Brandon Montclare: It’s definitely an influence, although, maybe it’s not always seen on the surface. Kirby’s 70s work was pure adventure and surreptitiously sophisticated storytelling – that one obvious and not-so-obvious thing I try to emulate. It was a very unified, professional vision. The subject matter was delightfully bonkers, but it was finely executed. I think that’s overlooked in a lot of Kirby stuff – just how consistent and considered he was at drawing as well as writing.

Marvel.com: Though he doesn’t speak, Devil Dinosaur seems to have a very specific character. What were the key aspects you wanted to carry over into MOON GIRL & DEVIL DINOSAUR?

Brandon Montclare: It was probably an old trick when even Kirby was using it, but a lot of how you get Devil Dinosaur to communicate to the reader is having it bounce off of the human character. Moon Boy, I think it’s safe to say, might have been included to help flesh out the big, red thunder lizard! We flip that in our book: we use Devil Dinosaur’s basic, animal nature to help show the more complicated Moon Girl. But we still need to make a dinosaur tell a story! And that’s down to the magical cartooning of Natacha Bustos. She makes a T-Rex have human qualities — happy or sad; subtle or demonstrative. It’s an amazing book visually, which is the least we can do with a Kirby creation.

Marvel.com: The series also revolves around Lunella, of course. Would you say there’s any thematic connections between her and Moon Boy?

Brandon Montclare: No. Not really! Lunella has a lot of influences, but Moon Boy simply wasn’t very fruitful for our purposes. But they are both outcasts, although in different ways. They do present the same visual storytelling challenges of getting a 4-foot and 30-foot character to interact again and again and again! Lunella does take a ton from classic Marvel characters that Kirby co-created with Stan Lee. Again, it’s not an accident she grew up on Yancy Street. Nor is it an accident that she was an awesome scientist before she becomes a super-hero.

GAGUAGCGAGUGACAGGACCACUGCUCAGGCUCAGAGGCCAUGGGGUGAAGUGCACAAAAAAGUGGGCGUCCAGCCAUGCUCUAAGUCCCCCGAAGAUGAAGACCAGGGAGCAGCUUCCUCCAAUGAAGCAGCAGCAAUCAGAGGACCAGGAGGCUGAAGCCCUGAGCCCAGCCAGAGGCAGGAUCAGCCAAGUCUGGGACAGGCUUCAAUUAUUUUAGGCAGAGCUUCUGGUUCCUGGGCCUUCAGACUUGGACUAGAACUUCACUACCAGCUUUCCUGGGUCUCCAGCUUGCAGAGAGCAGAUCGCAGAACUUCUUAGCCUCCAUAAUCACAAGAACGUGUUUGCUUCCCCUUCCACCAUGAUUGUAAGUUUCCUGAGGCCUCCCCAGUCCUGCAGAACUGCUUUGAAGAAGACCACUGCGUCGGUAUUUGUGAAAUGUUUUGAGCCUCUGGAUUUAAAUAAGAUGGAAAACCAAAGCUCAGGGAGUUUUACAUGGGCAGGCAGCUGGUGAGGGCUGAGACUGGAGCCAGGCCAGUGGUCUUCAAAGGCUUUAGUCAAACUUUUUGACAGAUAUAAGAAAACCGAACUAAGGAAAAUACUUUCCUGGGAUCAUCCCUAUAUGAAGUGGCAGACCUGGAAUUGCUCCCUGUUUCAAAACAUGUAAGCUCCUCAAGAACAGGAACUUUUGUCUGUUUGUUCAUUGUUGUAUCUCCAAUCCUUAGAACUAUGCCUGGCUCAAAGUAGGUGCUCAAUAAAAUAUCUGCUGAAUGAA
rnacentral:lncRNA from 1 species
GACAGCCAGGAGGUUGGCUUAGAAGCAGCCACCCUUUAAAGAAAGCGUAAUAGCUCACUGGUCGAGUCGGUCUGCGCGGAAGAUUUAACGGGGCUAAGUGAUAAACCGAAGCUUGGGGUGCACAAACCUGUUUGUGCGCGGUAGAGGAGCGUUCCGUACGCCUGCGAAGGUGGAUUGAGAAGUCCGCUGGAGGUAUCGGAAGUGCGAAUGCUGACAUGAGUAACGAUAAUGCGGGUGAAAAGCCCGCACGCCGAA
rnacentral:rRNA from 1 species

Marvel.com: How has it been for you bringing him into a new era and giving him new life?

Brandon Montclare: It’s been great! I’m very proud that we flipped the script. I think not only has Moon Girl stood on her own as a new character, she’s actually raised awareness and appreciation for Devil Dinosaur. Of course, that’s a very small claim compared to Kirby’s original contribution to popular characters!

In the next Kirby 100 installment, Brandon Montclare will discuss the finer points of near annihilation as we focus on the very first Galactus story in FANTASTIC FOUR #48-50.

Stay tuned to Marvel.com for more throughout Kirby Month and beyond! And join the conversation on all of our social channels with the hashtag #Kirby100.

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Lunella Lafayette and Devil Dinosaur face their ultimate challenge!

We’ve watched Lunella Lafayette grow into her own as Moon Girl, and prove her status as The Smartest There Is. Now, after going up against all kinds of threats and saving the day repeatedly, our girl finds herself, in some ways, back at the start, when the Omni-Wave Projector, which helped to launch her adventures as a budding super hero, goes on the fritz.

We chatted with MOON GIRL & DEVIL DINOSAUR writer Brandon Montclare about how the biggest brain in the Marvel Universe will deal with this challenge, and some other pretty significant difficulties that come her way.

Marvel.com: The Omni-Wave projector started it all for Lunella. So for her to have to deal with it malfunctioning now, after everything she has gone through, kind of feels like coming full circle.

Brandon Montclare: Before there was a real “Moon Girl” and definitely before there was Devil Dinosaur, Lunella looked high and low for any alien technology related to her Inhuman condition. But the Omni-Wave Projector has brought nothing but trouble…at least that’s how it always seems at first. So far, Lunella has always made the best of the chaos caused by the device. I don’t know if her luck is going to run out? It has indeed all come full circle—but the thing about circles: they never really end. They just go on and on and on.